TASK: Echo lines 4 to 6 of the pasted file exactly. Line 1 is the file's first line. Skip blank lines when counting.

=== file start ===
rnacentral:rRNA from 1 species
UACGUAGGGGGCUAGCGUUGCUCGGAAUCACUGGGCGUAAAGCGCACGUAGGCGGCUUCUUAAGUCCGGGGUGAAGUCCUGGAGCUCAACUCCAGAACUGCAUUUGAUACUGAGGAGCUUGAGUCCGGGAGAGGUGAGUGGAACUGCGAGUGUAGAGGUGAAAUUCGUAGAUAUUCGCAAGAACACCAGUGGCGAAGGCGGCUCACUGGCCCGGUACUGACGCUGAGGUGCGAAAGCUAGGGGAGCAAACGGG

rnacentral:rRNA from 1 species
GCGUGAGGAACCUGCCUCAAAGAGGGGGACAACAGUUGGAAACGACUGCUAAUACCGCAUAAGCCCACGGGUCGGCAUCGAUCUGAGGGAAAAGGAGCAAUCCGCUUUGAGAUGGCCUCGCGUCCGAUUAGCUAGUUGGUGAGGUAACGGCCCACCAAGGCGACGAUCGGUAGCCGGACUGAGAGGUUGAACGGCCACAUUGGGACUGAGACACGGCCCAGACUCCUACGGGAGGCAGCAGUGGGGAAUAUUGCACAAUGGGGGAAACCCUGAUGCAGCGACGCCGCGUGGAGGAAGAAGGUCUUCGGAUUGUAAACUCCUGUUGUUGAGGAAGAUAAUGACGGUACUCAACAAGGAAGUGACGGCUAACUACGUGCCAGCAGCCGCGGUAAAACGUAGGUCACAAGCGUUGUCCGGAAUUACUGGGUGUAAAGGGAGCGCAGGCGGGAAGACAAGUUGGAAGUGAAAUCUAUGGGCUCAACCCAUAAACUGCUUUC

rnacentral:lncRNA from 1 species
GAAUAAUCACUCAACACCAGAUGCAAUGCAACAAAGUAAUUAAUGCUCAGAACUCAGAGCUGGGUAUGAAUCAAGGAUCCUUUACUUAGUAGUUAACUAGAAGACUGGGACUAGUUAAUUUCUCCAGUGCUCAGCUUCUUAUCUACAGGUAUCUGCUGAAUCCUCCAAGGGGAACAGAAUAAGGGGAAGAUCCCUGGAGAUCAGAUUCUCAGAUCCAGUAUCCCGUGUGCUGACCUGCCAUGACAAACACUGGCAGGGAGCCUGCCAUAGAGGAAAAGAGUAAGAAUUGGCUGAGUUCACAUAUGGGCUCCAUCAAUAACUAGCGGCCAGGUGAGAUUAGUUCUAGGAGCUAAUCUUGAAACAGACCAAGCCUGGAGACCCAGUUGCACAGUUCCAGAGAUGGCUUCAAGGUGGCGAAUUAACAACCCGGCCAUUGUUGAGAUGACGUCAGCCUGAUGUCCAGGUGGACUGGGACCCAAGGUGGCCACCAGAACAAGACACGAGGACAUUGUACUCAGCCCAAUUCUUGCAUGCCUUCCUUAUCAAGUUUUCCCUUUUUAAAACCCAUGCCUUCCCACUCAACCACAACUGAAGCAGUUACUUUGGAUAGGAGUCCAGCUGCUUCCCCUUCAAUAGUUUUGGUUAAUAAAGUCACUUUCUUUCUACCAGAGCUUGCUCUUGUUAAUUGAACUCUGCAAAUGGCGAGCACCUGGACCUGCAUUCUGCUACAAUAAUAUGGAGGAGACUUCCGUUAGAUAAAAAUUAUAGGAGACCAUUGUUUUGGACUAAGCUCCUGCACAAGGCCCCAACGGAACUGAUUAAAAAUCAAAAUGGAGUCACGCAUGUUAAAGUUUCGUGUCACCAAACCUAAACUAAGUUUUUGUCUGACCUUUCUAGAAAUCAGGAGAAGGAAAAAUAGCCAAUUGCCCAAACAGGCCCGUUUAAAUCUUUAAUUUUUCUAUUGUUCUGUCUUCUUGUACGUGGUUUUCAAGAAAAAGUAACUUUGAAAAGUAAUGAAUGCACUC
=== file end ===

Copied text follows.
GCGUGAGGAACCUGCCUCAAAGAGGGGGACAACAGUUGGAAACGACUGCUAAUACCGCAUAAGCCCACGGGUCGGCAUCGAUCUGAGGGAAAAGGAGCAAUCCGCUUUGAGAUGGCCUCGCGUCCGAUUAGCUAGUUGGUGAGGUAACGGCCCACCAAGGCGACGAUCGGUAGCCGGACUGAGAGGUUGAACGGCCACAUUGGGACUGAGACACGGCCCAGACUCCUACGGGAGGCAGCAGUGGGGAAUAUUGCACAAUGGGGGAAACCCUGAUGCAGCGACGCCGCGUGGAGGAAGAAGGUCUUCGGAUUGUAAACUCCUGUUGUUGAGGAAGAUAAUGACGGUACUCAACAAGGAAGUGACGGCUAACUACGUGCCAGCAGCCGCGGUAAAACGUAGGUCACAAGCGUUGUCCGGAAUUACUGGGUGUAAAGGGAGCGCAGGCGGGAAGACAAGUUGGAAGUGAAAUCUAUGGGCUCAACCCAUAAACUGCUUUC

rnacentral:lncRNA from 1 species
GAAUAAUCACUCAACACCAGAUGCAAUGCAACAAAGUAAUUAAUGCUCAGAACUCAGAGCUGGGUAUGAAUCAAGGAUCCUUUACUUAGUAGUUAACUAGAAGACUGGGACUAGUUAAUUUCUCCAGUGCUCAGCUUCUUAUCUACAGGUAUCUGCUGAAUCCUCCAAGGGGAACAGAAUAAGGGGAAGAUCCCUGGAGAUCAGAUUCUCAGAUCCAGUAUCCCGUGUGCUGACCUGCCAUGACAAACACUGGCAGGGAGCCUGCCAUAGAGGAAAAGAGUAAGAAUUGGCUGAGUUCACAUAUGGGCUCCAUCAAUAACUAGCGGCCAGGUGAGAUUAGUUCUAGGAGCUAAUCUUGAAACAGACCAAGCCUGGAGACCCAGUUGCACAGUUCCAGAGAUGGCUUCAAGGUGGCGAAUUAACAACCCGGCCAUUGUUGAGAUGACGUCAGCCUGAUGUCCAGGUGGACUGGGACCCAAGGUGGCCACCAGAACAAGACACGAGGACAUUGUACUCAGCCCAAUUCUUGCAUGCCUUCCUUAUCAAGUUUUCCCUUUUUAAAACCCAUGCCUUCCCACUCAACCACAACUGAAGCAGUUACUUUGGAUAGGAGUCCAGCUGCUUCCCCUUCAAUAGUUUUGGUUAAUAAAGUCACUUUCUUUCUACCAGAGCUUGCUCUUGUUAAUUGAACUCUGCAAAUGGCGAGCACCUGGACCUGCAUUCUGCUACAAUAAUAUGGAGGAGACUUCCGUUAGAUAAAAAUUAUAGGAGACCAUUGUUUUGGACUAAGCUCCUGCACAAGGCCCCAACGGAACUGAUUAAAAAUCAAAAUGGAGUCACGCAUGUUAAAGUUUCGUGUCACCAAACCUAAACUAAGUUUUUGUCUGACCUUUCUAGAAAUCAGGAGAAGGAAAAAUAGCCAAUUGCCCAAACAGGCCCGUUUAAAUCUUUAAUUUUUCUAUUGUUCUGUCUUCUUGUACGUGGUUUUCAAGAAAAAGUAACUUUGAAAAGUAAUGAAUGCACUC